A congressional process whereby a bill may be referred to several committees that consider it simultaneously in whole or in part. For instance, the 1988 trade bill was considered by fourteen committees in the House and nine in the Senate simultaneously.
Sequential Referral
A congressional referral process by which a Speaker may send a bill to a second committee after the first is finished acting, or may refer parts of a bill to separate committees.
Discharge Petition
A device by which any member of the House, after a committee has had a bill for thirty days, may petition to have it brought to the flour. If a majority of the members agree, the bill is discharged from the committee. The ____ ______ was designed to prevent a committee from killing a bill by holding it for two days.
closed rule
An order from the House Rules Committee that sets a time limit on debate and forbids a particular bill from being amended on the legislative floor.
Open Rule
Order from the House Rules Committee that permits a bill to be amended on the legislative floor
An amendment on a matter unrelated to a bill that is added to the bill so that it will "ride" to passage through Congress. When a bill has a lot of riders, it is called a Christmas Tree Bill.
The minimum number of members who must be present for business to b conducted in Congress.
Restrictive rule
An order from the House Rules Committee that permits certain kinds of amendments but not others to be made into a bill on the legislative floor.
Quorum Call
A calling of the roll in either House of Congress to see whether the number of representatives in attendance meets the minimum number required to conduct official business.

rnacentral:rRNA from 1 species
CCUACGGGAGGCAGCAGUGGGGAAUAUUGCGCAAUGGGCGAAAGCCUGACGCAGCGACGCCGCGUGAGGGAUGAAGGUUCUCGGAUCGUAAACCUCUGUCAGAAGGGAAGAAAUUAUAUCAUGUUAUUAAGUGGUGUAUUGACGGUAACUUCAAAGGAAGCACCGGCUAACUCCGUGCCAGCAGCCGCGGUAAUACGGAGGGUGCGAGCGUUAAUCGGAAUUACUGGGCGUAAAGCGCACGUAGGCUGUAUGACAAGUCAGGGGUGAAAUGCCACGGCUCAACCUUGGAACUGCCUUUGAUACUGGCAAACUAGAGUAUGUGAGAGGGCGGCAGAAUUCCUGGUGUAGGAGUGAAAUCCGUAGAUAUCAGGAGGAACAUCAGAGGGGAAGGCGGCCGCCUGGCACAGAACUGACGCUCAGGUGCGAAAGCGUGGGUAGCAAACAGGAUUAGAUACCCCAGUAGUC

Cloture rule
A rule used by the Senate to end or limit debate. Designed to prevent "talking a bill to death" by filibuster. For a bill to pass in the Senate, three-fifths of the entire Senate membership (or sixty members) must vote for it.
Double Tracking
A procedure to keep the Senate going during a filibuster in which the disputed bill is shelved temporarily so that the Senate can get on with other business.
Voice Vote
A congressional voting procedure in which members shout "yea" in approval or "nay" in disapproval; allows members to vote quickly and anonymously on bills
Division vote
A congressional voting procedure in which members who stand and are counted.
Teller Vote
A congressional voting procedure in which members pass between two yellers, the "yeas" first and then the "nays." Since 1971, the identities of members in a teller vote can be "recorded."
Roll-Call Vote
A congressional voting procedure that consists of members answering "yea" or "nay" to their names. When roll calls were handed orally, it was a time-consuming process in the House. Since 1973, an electronic voting system permits each House member to record his or her vote and learn the total automatically.
Pork-Barrel Legislation
Legislation that gives tangible benefits (highways, dams, post offices) to constituents in several districts or states in the hope of winning heir votes in return.
Franking Privilege
The ability of members of Congress to mail letters to their constituents free of charge by substitution their facsimile signature (frank) for postage.